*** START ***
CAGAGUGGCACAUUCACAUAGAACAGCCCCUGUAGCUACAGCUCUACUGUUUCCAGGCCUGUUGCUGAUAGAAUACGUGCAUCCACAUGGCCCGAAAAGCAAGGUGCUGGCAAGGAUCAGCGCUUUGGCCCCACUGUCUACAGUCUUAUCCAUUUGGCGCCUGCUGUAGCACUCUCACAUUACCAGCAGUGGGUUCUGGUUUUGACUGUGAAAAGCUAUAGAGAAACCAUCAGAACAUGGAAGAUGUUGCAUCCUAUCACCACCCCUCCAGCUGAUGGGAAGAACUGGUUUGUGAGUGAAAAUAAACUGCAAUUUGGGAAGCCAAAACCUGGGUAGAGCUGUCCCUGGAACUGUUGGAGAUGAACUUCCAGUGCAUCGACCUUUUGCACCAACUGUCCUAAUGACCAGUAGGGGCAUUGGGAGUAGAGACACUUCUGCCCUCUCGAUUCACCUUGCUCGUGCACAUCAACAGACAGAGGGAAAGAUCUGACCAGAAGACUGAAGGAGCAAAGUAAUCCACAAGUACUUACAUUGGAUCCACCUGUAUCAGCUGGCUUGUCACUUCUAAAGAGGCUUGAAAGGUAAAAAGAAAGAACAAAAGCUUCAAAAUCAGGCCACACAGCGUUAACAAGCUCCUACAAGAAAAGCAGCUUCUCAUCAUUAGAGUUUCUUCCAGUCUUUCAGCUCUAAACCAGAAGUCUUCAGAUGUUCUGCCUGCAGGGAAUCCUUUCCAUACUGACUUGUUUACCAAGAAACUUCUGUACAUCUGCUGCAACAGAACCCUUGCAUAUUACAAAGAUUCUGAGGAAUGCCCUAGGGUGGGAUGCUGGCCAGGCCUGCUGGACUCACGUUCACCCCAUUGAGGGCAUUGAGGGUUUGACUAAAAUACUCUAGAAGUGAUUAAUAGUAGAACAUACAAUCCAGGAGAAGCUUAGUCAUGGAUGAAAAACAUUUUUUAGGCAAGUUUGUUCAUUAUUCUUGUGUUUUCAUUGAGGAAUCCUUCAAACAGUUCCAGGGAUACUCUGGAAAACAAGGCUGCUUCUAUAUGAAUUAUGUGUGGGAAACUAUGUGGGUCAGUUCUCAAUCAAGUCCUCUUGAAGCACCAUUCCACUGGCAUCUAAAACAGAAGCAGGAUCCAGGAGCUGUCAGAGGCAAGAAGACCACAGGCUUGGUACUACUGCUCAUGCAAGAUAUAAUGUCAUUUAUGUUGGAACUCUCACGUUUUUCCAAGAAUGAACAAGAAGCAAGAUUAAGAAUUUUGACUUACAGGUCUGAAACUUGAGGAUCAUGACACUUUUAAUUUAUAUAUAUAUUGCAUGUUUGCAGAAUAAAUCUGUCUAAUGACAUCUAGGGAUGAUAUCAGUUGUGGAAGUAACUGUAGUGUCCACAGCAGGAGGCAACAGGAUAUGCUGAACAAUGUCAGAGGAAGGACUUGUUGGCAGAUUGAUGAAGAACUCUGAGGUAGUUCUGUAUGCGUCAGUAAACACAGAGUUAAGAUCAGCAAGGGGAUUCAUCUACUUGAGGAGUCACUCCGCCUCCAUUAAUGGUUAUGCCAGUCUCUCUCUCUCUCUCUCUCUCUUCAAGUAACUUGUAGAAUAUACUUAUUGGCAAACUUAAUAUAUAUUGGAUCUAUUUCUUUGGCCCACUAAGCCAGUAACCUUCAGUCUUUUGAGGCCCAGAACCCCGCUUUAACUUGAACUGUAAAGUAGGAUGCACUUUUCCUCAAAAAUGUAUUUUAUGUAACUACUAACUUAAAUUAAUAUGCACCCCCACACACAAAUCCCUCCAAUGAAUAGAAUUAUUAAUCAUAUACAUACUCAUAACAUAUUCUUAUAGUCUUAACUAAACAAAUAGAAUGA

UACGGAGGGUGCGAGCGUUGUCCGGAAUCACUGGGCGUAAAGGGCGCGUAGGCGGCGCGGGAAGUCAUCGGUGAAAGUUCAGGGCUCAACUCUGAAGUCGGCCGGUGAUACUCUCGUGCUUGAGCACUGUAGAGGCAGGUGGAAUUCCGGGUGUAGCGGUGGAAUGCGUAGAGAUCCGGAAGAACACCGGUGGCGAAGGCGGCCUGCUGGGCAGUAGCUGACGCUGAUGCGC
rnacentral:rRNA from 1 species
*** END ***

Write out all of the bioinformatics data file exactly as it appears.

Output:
CAGAGUGGCACAUUCACAUAGAACAGCCCCUGUAGCUACAGCUCUACUGUUUCCAGGCCUGUUGCUGAUAGAAUACGUGCAUCCACAUGGCCCGAAAAGCAAGGUGCUGGCAAGGAUCAGCGCUUUGGCCCCACUGUCUACAGUCUUAUCCAUUUGGCGCCUGCUGUAGCACUCUCACAUUACCAGCAGUGGGUUCUGGUUUUGACUGUGAAAAGCUAUAGAGAAACCAUCAGAACAUGGAAGAUGUUGCAUCCUAUCACCACCCCUCCAGCUGAUGGGAAGAACUGGUUUGUGAGUGAAAAUAAACUGCAAUUUGGGAAGCCAAAACCUGGGUAGAGCUGUCCCUGGAACUGUUGGAGAUGAACUUCCAGUGCAUCGACCUUUUGCACCAACUGUCCUAAUGACCAGUAGGGGCAUUGGGAGUAGAGACACUUCUGCCCUCUCGAUUCACCUUGCUCGUGCACAUCAACAGACAGAGGGAAAGAUCUGACCAGAAGACUGAAGGAGCAAAGUAAUCCACAAGUACUUACAUUGGAUCCACCUGUAUCAGCUGGCUUGUCACUUCUAAAGAGGCUUGAAAGGUAAAAAGAAAGAACAAAAGCUUCAAAAUCAGGCCACACAGCGUUAACAAGCUCCUACAAGAAAAGCAGCUUCUCAUCAUUAGAGUUUCUUCCAGUCUUUCAGCUCUAAACCAGAAGUCUUCAGAUGUUCUGCCUGCAGGGAAUCCUUUCCAUACUGACUUGUUUACCAAGAAACUUCUGUACAUCUGCUGCAACAGAACCCUUGCAUAUUACAAAGAUUCUGAGGAAUGCCCUAGGGUGGGAUGCUGGCCAGGCCUGCUGGACUCACGUUCACCCCAUUGAGGGCAUUGAGGGUUUGACUAAAAUACUCUAGAAGUGAUUAAUAGUAGAACAUACAAUCCAGGAGAAGCUUAGUCAUGGAUGAAAAACAUUUUUUAGGCAAGUUUGUUCAUUAUUCUUGUGUUUUCAUUGAGGAAUCCUUCAAACAGUUCCAGGGAUACUCUGGAAAACAAGGCUGCUUCUAUAUGAAUUAUGUGUGGGAAACUAUGUGGGUCAGUUCUCAAUCAAGUCCUCUUGAAGCACCAUUCCACUGGCAUCUAAAACAGAAGCAGGAUCCAGGAGCUGUCAGAGGCAAGAAGACCACAGGCUUGGUACUACUGCUCAUGCAAGAUAUAAUGUCAUUUAUGUUGGAACUCUCACGUUUUUCCAAGAAUGAACAAGAAGCAAGAUUAAGAAUUUUGACUUACAGGUCUGAAACUUGAGGAUCAUGACACUUUUAAUUUAUAUAUAUAUUGCAUGUUUGCAGAAUAAAUCUGUCUAAUGACAUCUAGGGAUGAUAUCAGUUGUGGAAGUAACUGUAGUGUCCACAGCAGGAGGCAACAGGAUAUGCUGAACAAUGUCAGAGGAAGGACUUGUUGGCAGAUUGAUGAAGAACUCUGAGGUAGUUCUGUAUGCGUCAGUAAACACAGAGUUAAGAUCAGCAAGGGGAUUCAUCUACUUGAGGAGUCACUCCGCCUCCAUUAAUGGUUAUGCCAGUCUCUCUCUCUCUCUCUCUCUCUUCAAGUAACUUGUAGAAUAUACUUAUUGGCAAACUUAAUAUAUAUUGGAUCUAUUUCUUUGGCCCACUAAGCCAGUAACCUUCAGUCUUUUGAGGCCCAGAACCCCGCUUUAACUUGAACUGUAAAGUAGGAUGCACUUUUCCUCAAAAAUGUAUUUUAUGUAACUACUAACUUAAAUUAAUAUGCACCCCCACACACAAAUCCCUCCAAUGAAUAGAAUUAUUAAUCAUAUACAUACUCAUAACAUAUUCUUAUAGUCUUAACUAAACAAAUAGAAUGA

UACGGAGGGUGCGAGCGUUGUCCGGAAUCACUGGGCGUAAAGGGCGCGUAGGCGGCGCGGGAAGUCAUCGGUGAAAGUUCAGGGCUCAACUCUGAAGUCGGCCGGUGAUACUCUCGUGCUUGAGCACUGUAGAGGCAGGUGGAAUUCCGGGUGUAGCGGUGGAAUGCGUAGAGAUCCGGAAGAACACCGGUGGCGAAGGCGGCCUGCUGGGCAGUAGCUGACGCUGAUGCGC
rnacentral:rRNA from 1 species